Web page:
MORE THAN 1 MILLION DOLLARS ANNUALLY DUE TO FEMALE GENITAL MUTILATION
This Thursday marked the International Day of Zero Tolerance for Female Genital Mutilation, a day instituted by the United Nations to alert and raise public awareness about a phenomenon that is estimated to have affected 200 million girls and women worldwide.
This year the anniversary did not go unnoticed. The Civil Society Forum for the Rights of the Child (ROSC) and its CPLP partners organized a virtual debate to reflect on the social problem that continues to prevent girls and women from enjoying their sexual and reproductive rights freely.
Female Genital Mutilation (FGM), according to Unicef, this year alone, more than 4 million girls are at risk of being subjected to this practice in various forms at the international level, with a special focus on 27 countries, some of which in the African continent.
In an interview with RFI, Teresinha da Silva, coordinator in Mozambique of WLSA, Network for the Defense of Sexual and Reproductive Rights, Women and Law in Southern Africa, gives an account of the situation in her country and evokes vaginal stretching, a practice present in the north of Mozambique.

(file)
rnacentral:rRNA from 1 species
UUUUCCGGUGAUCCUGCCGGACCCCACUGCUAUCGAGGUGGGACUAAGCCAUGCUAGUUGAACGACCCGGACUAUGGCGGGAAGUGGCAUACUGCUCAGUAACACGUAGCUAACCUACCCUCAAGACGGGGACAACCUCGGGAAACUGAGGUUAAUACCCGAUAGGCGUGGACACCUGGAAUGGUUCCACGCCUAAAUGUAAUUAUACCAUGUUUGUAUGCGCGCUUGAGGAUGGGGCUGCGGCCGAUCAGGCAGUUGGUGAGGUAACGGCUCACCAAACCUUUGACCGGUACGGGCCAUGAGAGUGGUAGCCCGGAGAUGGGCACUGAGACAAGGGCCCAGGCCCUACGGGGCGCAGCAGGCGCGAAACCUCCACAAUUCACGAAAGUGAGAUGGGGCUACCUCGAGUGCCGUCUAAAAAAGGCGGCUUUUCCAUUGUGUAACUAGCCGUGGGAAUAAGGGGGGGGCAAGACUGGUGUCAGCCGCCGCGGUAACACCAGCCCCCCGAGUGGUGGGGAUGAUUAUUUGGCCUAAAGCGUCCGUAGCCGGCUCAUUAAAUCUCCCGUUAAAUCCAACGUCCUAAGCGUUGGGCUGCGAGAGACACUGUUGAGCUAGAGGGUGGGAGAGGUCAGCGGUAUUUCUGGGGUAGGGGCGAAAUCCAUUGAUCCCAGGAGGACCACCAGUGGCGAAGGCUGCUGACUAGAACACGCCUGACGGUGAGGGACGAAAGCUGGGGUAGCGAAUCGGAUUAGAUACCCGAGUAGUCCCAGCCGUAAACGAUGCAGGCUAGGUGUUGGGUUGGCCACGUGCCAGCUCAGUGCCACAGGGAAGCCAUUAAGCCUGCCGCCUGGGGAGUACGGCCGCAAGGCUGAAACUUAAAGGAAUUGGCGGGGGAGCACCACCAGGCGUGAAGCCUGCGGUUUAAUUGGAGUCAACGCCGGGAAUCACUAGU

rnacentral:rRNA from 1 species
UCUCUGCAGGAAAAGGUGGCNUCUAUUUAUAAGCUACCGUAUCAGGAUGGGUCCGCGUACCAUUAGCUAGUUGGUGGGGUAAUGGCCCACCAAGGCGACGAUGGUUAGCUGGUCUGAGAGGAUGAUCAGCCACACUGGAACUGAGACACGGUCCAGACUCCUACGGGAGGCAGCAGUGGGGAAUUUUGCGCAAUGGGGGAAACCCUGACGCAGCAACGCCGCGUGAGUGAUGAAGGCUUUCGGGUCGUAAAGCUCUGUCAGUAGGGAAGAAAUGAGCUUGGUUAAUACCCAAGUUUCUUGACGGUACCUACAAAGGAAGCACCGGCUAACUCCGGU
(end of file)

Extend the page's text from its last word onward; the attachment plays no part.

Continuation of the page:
In recalling the consequences of FGM both in terms of the physical and mental health of women and girls, namely infections, bleeding, pain when urinating or during menstruation and sexual intercourse, as well as psychological trauma, the World Health Organization also stresses that mutilation The female genital is recognized internationally as a violation of Human Rights. Its eradication, in fact, was inserted in 2015 in the goals of the 2030 Agenda for Sustainable Development.
It is believed that the girl or woman who does not follow this tradition completely reduces the possibility of marrying the indigenous people of her community, suffering discrimination. The future and rights within the community are lost and culture is seriously disrespected. Analogously, these realities lead us to travel in time and space to China, where the culture of mutilating the feet, known as “bandaging”, was raised to a standard of beauty. It was believed that aesthetics prayed that the woman had very small feet as an ideal of perfection. Thus, normal feet represented the synonym of immoral and restricted the possibility of getting married. For that, it was necessary to deform the feet until they reached the “venerated form”. Bandaging caused dark infections, rotting of the skin and even deaths, in a way similar to what happens with FGM.
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